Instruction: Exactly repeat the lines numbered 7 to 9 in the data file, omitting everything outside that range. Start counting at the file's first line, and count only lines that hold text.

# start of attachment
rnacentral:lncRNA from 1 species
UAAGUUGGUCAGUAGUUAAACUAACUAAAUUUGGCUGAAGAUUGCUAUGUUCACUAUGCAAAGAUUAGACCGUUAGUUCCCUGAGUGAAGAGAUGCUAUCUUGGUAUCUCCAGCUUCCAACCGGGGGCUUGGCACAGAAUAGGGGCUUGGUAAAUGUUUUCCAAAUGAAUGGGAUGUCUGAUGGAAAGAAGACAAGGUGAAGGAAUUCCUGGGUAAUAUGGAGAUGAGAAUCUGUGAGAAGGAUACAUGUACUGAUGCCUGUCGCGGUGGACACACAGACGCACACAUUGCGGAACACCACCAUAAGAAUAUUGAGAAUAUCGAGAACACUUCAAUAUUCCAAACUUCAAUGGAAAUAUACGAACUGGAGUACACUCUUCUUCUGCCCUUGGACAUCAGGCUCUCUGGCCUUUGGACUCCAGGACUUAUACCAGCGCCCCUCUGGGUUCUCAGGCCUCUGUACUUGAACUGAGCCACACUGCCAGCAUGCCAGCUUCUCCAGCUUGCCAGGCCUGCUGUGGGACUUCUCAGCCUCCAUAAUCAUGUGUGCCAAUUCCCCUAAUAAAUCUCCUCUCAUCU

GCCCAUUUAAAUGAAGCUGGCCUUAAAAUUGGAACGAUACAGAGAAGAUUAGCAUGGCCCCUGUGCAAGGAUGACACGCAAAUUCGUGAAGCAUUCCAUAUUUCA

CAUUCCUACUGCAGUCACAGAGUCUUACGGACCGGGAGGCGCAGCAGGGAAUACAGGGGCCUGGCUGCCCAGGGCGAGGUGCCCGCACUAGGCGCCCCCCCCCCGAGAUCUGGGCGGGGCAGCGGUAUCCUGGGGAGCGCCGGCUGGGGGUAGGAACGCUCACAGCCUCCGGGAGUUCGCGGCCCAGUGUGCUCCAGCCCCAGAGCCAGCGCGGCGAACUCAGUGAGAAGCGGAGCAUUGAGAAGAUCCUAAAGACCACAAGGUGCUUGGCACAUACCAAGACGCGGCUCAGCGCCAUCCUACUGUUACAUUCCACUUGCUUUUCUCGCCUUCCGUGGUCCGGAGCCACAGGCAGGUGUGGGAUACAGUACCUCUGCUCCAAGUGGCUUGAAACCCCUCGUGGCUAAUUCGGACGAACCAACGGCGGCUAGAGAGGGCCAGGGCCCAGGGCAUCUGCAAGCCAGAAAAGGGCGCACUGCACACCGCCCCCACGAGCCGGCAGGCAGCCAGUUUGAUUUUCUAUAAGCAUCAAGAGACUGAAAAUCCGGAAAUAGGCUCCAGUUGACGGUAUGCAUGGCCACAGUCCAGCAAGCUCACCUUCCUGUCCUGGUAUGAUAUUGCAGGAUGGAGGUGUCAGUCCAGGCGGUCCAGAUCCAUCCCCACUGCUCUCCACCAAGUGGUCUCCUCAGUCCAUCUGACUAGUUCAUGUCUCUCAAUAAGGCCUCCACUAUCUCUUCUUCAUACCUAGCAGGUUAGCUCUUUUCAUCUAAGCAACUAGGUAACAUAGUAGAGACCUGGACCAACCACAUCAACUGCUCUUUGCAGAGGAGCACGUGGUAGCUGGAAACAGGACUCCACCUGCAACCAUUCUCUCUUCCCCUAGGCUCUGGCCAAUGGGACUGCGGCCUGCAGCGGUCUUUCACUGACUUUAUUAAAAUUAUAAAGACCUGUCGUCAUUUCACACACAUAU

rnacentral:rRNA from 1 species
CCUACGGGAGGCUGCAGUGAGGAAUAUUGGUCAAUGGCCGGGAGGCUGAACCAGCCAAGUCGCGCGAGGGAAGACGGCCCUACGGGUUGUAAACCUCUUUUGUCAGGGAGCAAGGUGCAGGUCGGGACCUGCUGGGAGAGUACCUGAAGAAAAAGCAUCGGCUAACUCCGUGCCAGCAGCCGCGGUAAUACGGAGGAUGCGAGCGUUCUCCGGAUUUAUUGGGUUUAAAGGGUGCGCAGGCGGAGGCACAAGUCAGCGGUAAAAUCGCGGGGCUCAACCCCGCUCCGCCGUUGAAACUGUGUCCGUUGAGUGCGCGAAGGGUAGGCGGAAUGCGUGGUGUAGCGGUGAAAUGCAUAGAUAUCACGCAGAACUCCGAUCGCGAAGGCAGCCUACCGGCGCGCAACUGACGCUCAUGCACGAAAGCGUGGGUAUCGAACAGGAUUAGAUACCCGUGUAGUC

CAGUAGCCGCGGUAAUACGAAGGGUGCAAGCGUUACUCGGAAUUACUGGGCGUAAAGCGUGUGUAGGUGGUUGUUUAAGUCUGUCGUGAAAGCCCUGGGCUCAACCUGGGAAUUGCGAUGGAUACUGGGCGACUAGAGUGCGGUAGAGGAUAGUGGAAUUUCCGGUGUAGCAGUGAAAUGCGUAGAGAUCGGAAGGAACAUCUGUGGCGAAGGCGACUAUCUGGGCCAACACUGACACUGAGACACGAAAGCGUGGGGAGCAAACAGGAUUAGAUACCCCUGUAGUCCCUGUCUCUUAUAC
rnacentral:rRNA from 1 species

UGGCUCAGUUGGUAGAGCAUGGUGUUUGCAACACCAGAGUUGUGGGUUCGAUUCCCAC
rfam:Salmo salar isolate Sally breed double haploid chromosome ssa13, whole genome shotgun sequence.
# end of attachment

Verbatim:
CAGUAGCCGCGGUAAUACGAAGGGUGCAAGCGUUACUCGGAAUUACUGGGCGUAAAGCGUGUGUAGGUGGUUGUUUAAGUCUGUCGUGAAAGCCCUGGGCUCAACCUGGGAAUUGCGAUGGAUACUGGGCGACUAGAGUGCGGUAGAGGAUAGUGGAAUUUCCGGUGUAGCAGUGAAAUGCGUAGAGAUCGGAAGGAACAUCUGUGGCGAAGGCGACUAUCUGGGCCAACACUGACACUGAGACACGAAAGCGUGGGGAGCAAACAGGAUUAGAUACCCCUGUAGUCCCUGUCUCUUAUAC
rnacentral:rRNA from 1 species

UGGCUCAGUUGGUAGAGCAUGGUGUUUGCAACACCAGAGUUGUGGGUUCGAUUCCCAC